Steve Clarke is unaware of the ill will towards Scotland as they prepare to welcome Ukraine. It’s just that the backdrop to arguably Scotland’s biggest game in a generation is so unusual that it sparks a freak discussion.
Clarke’s role is to make sure his players can set their sights on a possible World Cup place instead of the circumstances surrounding Ukraine before this playoff semifinal. Neutral support will sit with the Hampden Park visitors, but the Scottish message seems perfectly clear.
“We have to focus on the football game and I don’t think the Ukrainian team wants it any other way,” the Scotland manager said. “Their coach has said they are ready for the game. We are ready for the game. It’s a football game and I hope the best team wins. I hope we are the best team.
“Definitely not back to normal [in Ukraine]. But we always said that we would be guided by the Ukrainians and how they felt about the situation and what they wanted from the situation. What they want is for their soccer team to be able to get out of the country, properly prepare as they have for the last four weeks, and be ready for a soccer game.
“They want to give their country a boost, which is absolutely 100% understandable. But we also want to go to the World Cup. We want to give our country a boost. It is very difficult to do, but you have to separate the situation in which the Ukrainians find themselves and the context of a football match. It’s a football game and that’s what we focus on.”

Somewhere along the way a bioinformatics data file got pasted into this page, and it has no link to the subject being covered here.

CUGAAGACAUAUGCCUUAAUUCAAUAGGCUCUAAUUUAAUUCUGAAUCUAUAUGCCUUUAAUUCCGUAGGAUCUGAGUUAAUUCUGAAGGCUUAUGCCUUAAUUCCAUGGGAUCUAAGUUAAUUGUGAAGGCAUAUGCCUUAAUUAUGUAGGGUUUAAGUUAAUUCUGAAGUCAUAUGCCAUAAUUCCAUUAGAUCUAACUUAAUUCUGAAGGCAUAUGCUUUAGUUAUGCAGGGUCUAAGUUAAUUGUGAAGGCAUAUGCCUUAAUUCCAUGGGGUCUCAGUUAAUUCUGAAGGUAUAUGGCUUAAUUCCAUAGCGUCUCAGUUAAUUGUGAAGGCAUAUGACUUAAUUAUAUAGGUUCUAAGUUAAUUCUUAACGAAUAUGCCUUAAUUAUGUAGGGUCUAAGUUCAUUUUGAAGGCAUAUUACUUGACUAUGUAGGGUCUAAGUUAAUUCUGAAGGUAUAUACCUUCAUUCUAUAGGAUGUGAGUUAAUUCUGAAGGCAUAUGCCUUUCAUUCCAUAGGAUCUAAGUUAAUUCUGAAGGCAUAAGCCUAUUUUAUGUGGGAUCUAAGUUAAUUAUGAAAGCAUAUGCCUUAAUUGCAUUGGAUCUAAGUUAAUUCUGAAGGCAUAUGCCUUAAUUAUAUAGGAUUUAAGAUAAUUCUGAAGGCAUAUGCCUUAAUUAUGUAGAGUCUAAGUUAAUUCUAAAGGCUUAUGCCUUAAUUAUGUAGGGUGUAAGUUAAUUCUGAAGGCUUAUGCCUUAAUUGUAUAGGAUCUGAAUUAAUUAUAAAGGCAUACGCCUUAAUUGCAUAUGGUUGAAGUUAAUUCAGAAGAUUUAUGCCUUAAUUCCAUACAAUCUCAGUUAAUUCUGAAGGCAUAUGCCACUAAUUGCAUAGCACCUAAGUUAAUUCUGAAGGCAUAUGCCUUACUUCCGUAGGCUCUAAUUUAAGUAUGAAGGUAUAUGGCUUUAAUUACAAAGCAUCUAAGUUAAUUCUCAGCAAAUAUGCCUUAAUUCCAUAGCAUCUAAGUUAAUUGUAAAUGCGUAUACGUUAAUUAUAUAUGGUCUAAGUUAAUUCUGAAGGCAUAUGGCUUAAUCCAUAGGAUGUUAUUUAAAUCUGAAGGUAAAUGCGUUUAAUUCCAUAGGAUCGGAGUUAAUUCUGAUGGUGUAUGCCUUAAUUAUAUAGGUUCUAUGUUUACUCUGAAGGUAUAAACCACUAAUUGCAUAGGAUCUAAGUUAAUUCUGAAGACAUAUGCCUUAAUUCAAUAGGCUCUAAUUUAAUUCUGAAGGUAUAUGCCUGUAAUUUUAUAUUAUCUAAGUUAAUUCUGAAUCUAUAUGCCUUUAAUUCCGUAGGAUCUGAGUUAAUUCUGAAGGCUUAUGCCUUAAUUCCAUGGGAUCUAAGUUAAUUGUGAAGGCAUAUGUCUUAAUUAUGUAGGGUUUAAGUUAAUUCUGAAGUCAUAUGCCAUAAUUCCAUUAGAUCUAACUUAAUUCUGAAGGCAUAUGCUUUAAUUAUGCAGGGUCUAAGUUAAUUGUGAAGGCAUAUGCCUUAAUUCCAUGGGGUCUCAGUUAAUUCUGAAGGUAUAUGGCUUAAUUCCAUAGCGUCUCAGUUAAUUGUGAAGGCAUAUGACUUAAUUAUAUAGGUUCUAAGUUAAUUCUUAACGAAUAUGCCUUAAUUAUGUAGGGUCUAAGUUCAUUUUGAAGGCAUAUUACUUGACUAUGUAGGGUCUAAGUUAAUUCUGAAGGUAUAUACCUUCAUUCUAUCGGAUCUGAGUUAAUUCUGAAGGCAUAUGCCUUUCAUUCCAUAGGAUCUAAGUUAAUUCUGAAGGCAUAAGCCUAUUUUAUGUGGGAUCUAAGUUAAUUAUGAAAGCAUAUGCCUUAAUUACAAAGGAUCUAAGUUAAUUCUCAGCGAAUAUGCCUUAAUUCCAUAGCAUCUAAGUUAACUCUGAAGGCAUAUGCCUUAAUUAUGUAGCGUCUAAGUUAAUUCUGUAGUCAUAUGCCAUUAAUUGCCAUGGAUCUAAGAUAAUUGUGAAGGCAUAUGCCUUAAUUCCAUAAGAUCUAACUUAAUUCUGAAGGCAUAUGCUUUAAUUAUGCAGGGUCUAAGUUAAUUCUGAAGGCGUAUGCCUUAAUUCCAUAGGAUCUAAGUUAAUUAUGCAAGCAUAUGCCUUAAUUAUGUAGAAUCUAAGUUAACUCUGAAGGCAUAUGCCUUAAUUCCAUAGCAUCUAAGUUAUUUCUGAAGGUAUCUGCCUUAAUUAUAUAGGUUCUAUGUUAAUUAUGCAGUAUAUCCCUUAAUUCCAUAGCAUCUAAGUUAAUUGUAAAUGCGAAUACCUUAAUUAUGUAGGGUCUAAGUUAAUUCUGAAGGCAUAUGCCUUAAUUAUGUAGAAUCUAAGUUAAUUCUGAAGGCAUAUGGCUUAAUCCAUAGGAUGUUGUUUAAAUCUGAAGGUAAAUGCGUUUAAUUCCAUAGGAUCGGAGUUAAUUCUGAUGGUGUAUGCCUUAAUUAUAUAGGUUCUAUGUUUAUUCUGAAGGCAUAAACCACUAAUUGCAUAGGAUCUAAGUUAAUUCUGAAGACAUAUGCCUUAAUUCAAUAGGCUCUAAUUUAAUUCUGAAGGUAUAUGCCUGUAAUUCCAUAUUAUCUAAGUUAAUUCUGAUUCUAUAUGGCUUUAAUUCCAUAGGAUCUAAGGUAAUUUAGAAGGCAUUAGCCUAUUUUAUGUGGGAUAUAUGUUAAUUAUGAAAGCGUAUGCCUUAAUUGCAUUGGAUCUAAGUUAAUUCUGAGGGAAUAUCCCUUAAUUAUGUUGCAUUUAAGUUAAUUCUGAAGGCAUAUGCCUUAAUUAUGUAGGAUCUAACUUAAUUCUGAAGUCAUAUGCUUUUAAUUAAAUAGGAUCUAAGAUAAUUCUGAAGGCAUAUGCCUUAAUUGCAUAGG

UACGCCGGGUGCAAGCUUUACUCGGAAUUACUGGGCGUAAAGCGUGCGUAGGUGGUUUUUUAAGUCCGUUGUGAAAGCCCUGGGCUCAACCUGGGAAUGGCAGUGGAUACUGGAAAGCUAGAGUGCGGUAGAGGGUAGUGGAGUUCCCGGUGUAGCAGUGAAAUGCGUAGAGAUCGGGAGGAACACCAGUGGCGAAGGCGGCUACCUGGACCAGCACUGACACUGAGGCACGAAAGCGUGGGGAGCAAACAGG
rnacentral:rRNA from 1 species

In the stands, if not on the pitch, the setting promises to be different from what would normally be expected for a match of this magnitude. “We respect the Ukrainian national anthem and we will applaud the Ukrainian national anthem,” Clarke said. “Then from there, the fans have to sing their hearts out, get behind the team and keep the team going.”
Pressed on whether Scotland could be unknowingly the bad guy in this situation, by ending Ukraine’s World Cup dream, Clarke said: “I don’t always read a lot of media, but I haven’t really felt that as a narrative, that we’re at fault in a way. I’ve never felt that.”
Goalkeeper Craig Gordon, who will play his 67th cap, insisted it would not be too much of a problem for Scotland to avoid distractions. “Because that’s what we’re trained for,” said the 39-year-old. “We cannot even imagine what is happening in Ukraine. We really have no idea. We cannot understand exactly what all these players are going through, what are the circumstances of each individual. What we have to do is focus on football, be ready and make sure that we are as prepared as possible to try and win the game.”
Clarke shrugged off the social media noise directed at his captain, Andy Robertson, who was photographed with a beer in hand during Liverpool’s end-of-season parade on Sunday. The left-back joined the Scotland camp a day later.
“He’s joined us in a great place and that’s all I’m worried about,” Clarke said. “I don’t care about criticism. It won’t bother Andy and it certainly won’t bother me.
“Liverpool had a great season, when you look at two of the top four trophies in the cabinet, they missed the league by one point and one goal made them. in the final of the champions league. They should have been ahead before conceding that goal. They were very close to quadruple, they have had a great season.
“Ending with two disappointments is something you learn to deal with as a professional player. It’s not like he’s going to have a bad Nations League season-ending game with Scotland. It’s one of the biggest games he’s probably ever faced for his country, so he’ll be ready to play.”
Clarke’s key personal decision revolves around who to play on the left side of his three defenders, given Kieran Tierney’s injury. Liam Cooper from Leeds is likely to fill that role. Bologna’s Aaron Hickey is expected to play at right back because Everton’s Nathan Patterson has not sufficiently recovered from ankle surgery.